Third, in comparison to other disadvantaged communities and groups, the Adivasis have been less effective in constituting themselves as a Pan-Indian interest group and in articulating their grievances through the formal political system. This could partly be attributed to lack of national homogeneity in the context and mechanisms that have led to the exclusion and oppression of the Adivasis. Geographical dispersion of the Adivasis and lack of iconic leadership with a national appeal also prevents effective political mobilisation. To a lesser extent, our education system and our media are also to blame for the lower profile accorded to the predicament of Indian tribes.

 

Fourth, the development paradigm of independent India has led to, in the words of the Draft National Tribal Policy, tribal communities witnessing “their habitats and homelands fragmented, their cultures disrupted, their communities shattered, the monetary compensation which tribal communities are not equipped to handle slipping out of their hands, turning them from owners of the resources and well-knit contented communities to individual wage earners in the urban conglomerates with uncertain futures and threatened existence”.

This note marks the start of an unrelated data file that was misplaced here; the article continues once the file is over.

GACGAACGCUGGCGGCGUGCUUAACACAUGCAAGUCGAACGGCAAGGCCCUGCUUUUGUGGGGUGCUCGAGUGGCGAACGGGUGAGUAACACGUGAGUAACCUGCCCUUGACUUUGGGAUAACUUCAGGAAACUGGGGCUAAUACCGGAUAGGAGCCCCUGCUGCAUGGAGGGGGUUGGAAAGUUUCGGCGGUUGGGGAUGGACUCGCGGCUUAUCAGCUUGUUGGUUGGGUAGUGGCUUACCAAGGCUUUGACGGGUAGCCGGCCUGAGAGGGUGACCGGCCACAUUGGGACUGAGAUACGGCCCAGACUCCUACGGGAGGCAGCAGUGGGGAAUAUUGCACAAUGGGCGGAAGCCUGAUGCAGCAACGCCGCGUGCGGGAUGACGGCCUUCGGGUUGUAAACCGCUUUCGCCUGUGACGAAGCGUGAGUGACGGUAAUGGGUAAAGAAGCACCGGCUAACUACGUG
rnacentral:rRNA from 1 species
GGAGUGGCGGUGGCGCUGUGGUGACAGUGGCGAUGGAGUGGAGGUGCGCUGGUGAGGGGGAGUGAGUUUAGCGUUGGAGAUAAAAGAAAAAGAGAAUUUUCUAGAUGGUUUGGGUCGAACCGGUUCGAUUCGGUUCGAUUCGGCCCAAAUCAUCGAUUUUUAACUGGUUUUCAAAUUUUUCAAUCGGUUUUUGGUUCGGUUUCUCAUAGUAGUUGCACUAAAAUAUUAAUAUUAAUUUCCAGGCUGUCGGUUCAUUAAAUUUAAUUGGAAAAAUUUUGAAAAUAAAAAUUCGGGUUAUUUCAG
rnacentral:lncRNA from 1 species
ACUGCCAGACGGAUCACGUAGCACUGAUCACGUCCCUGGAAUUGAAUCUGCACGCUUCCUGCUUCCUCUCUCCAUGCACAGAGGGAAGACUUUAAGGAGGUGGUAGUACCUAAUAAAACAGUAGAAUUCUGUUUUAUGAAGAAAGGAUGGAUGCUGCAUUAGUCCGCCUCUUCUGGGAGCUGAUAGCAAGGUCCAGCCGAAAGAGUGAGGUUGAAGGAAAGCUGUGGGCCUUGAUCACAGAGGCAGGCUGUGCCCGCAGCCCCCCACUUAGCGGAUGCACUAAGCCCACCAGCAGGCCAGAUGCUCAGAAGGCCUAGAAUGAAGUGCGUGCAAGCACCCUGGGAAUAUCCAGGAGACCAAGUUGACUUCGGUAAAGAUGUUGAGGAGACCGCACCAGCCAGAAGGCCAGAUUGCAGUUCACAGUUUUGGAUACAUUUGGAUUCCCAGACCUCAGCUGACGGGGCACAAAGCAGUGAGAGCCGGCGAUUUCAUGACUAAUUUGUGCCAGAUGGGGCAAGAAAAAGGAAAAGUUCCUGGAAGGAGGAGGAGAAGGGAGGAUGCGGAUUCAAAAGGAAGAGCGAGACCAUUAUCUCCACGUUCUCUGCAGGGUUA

Across the nation gigantic industrial, power, irrigation and mining projects representing the current development paradigm of independent Adivasi protests against land acquisition and displacement. Aligning our development needs with Adivasi rights and enhancing their Human Development Index is the need of the hour. This is also essential to prevent violent manifestations of discontent and unrest in our tribal areas emanating from exclusion and alienation.

 

Fifth, it is lost sight of that many Adivasis straddle multiple dimensions of deprivation and vulnerability. Besides being Scheduled Tribes, many of the Adivasis are also religious and linguistic minorities. It is very important that the protections afforded by the Constitution to the religious and linguistic minorities be fully made available to tribal communities that qualify.

 

I hope this seminar would act as a powerful tool for public advocacy on the extent of deprivation of Adivasis in the country and means to address them. I am confident that your deliberations would be immensely helpful for formulating policies conducive to Adivasi development.